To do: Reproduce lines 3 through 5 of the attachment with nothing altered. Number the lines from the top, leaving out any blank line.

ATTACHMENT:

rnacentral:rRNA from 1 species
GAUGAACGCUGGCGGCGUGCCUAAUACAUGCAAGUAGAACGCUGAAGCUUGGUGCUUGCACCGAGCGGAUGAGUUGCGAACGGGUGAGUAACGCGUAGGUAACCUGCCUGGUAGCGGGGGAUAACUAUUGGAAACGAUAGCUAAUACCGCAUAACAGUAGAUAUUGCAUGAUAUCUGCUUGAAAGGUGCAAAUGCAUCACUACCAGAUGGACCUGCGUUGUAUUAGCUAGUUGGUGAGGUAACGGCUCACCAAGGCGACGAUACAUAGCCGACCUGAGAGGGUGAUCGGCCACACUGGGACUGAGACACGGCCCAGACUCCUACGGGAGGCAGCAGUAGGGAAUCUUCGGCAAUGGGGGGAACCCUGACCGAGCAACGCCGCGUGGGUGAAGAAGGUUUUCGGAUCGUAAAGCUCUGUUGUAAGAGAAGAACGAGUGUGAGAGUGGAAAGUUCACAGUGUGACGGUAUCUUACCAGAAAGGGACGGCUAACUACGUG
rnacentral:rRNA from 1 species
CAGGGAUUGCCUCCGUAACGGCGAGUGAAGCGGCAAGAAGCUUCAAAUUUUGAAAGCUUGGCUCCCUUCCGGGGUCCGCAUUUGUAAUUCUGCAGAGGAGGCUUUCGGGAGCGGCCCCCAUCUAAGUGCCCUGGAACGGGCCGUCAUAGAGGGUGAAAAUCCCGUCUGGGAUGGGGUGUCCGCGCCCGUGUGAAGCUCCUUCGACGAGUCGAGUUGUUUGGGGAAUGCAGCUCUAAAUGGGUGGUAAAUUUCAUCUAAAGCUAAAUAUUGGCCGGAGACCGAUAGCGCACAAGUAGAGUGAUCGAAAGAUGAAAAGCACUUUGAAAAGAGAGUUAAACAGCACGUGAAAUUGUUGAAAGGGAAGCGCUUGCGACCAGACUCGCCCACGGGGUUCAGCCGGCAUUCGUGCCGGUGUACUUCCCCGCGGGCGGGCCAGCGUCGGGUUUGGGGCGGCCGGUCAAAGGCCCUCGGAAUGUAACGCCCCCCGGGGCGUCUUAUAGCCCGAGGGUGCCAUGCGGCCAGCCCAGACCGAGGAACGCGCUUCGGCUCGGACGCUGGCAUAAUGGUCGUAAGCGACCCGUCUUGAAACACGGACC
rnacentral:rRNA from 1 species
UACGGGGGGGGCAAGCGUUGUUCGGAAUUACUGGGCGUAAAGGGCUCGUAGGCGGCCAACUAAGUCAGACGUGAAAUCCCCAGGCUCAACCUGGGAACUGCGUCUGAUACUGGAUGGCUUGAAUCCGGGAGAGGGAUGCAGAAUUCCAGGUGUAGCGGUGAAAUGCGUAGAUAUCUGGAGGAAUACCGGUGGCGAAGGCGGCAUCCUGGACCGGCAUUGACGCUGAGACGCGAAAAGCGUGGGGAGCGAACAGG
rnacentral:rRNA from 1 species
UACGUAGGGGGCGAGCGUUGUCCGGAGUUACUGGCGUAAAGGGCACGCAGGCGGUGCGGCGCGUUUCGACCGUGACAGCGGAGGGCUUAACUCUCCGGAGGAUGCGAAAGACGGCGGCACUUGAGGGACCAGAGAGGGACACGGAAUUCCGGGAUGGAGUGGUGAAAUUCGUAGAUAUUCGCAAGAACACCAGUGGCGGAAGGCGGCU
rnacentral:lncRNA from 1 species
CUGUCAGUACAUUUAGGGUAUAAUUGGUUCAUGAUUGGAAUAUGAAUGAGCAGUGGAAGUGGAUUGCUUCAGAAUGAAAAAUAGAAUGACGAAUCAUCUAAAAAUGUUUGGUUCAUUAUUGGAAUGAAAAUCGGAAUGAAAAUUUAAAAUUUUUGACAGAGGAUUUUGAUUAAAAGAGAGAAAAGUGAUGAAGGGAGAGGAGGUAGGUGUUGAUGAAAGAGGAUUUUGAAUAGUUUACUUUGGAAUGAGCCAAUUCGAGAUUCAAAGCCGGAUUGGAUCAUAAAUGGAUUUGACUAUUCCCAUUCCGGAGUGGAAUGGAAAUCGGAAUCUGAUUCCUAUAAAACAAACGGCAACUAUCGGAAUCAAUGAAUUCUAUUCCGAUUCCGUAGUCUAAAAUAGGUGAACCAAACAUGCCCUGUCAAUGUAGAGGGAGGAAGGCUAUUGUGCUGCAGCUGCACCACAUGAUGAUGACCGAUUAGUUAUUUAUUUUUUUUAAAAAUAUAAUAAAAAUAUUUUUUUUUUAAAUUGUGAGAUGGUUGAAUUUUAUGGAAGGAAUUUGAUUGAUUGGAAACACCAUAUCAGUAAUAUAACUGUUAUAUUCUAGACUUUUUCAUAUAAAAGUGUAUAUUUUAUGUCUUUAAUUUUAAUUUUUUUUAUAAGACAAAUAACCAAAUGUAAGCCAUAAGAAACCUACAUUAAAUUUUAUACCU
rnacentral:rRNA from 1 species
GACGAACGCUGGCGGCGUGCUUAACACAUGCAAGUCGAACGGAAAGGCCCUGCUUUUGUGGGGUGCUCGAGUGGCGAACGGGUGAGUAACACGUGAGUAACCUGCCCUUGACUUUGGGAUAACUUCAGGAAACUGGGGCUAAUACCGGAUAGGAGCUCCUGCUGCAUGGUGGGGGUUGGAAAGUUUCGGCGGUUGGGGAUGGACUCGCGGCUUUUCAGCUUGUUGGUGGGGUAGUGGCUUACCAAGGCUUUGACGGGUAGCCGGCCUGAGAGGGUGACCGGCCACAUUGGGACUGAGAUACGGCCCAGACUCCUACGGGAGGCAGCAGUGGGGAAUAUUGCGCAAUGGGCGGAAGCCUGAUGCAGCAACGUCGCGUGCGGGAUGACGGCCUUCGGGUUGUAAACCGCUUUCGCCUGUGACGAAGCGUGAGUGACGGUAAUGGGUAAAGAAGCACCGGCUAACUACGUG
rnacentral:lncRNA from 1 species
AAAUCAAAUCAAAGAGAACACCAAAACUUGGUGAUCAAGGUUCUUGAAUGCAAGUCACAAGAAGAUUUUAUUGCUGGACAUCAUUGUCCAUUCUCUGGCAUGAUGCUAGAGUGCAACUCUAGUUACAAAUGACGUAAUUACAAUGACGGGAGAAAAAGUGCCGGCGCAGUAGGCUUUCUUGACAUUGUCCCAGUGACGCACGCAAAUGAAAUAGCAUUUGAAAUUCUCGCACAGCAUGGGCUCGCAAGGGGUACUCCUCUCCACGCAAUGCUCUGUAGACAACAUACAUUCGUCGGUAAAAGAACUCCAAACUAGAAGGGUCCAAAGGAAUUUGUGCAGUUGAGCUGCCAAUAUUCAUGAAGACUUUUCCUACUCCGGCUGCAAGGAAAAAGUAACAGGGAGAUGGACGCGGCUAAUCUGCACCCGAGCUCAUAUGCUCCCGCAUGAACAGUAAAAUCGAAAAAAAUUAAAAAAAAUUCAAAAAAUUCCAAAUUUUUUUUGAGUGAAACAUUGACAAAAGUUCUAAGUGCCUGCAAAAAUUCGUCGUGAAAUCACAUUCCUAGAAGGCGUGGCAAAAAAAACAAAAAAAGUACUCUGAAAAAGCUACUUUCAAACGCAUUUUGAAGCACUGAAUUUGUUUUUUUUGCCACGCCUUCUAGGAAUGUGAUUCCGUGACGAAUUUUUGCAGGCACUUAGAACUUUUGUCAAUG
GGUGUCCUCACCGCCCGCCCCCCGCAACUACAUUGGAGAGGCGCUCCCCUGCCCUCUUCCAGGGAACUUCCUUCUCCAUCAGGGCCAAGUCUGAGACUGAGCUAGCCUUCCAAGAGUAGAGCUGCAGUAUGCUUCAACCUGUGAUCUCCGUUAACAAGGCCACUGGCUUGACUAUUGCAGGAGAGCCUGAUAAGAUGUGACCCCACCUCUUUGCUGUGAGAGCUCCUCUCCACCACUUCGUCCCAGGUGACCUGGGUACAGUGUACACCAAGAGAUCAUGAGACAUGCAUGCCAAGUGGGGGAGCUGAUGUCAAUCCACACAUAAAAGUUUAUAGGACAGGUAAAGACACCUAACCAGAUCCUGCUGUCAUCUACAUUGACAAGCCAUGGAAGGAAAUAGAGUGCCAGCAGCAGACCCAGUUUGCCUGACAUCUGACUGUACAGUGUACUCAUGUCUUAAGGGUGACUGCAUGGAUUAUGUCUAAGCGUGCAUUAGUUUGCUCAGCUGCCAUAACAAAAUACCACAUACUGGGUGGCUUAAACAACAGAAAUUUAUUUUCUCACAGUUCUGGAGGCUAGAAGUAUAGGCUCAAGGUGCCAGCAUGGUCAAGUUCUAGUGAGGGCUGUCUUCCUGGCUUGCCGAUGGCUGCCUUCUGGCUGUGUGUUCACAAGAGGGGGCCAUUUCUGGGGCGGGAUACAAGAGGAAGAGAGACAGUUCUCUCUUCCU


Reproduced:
rnacentral:rRNA from 1 species
CAGGGAUUGCCUCCGUAACGGCGAGUGAAGCGGCAAGAAGCUUCAAAUUUUGAAAGCUUGGCUCCCUUCCGGGGUCCGCAUUUGUAAUUCUGCAGAGGAGGCUUUCGGGAGCGGCCCCCAUCUAAGUGCCCUGGAACGGGCCGUCAUAGAGGGUGAAAAUCCCGUCUGGGAUGGGGUGUCCGCGCCCGUGUGAAGCUCCUUCGACGAGUCGAGUUGUUUGGGGAAUGCAGCUCUAAAUGGGUGGUAAAUUUCAUCUAAAGCUAAAUAUUGGCCGGAGACCGAUAGCGCACAAGUAGAGUGAUCGAAAGAUGAAAAGCACUUUGAAAAGAGAGUUAAACAGCACGUGAAAUUGUUGAAAGGGAAGCGCUUGCGACCAGACUCGCCCACGGGGUUCAGCCGGCAUUCGUGCCGGUGUACUUCCCCGCGGGCGGGCCAGCGUCGGGUUUGGGGCGGCCGGUCAAAGGCCCUCGGAAUGUAACGCCCCCCGGGGCGUCUUAUAGCCCGAGGGUGCCAUGCGGCCAGCCCAGACCGAGGAACGCGCUUCGGCUCGGACGCUGGCAUAAUGGUCGUAAGCGACCCGUCUUGAAACACGGACC
rnacentral:rRNA from 1 species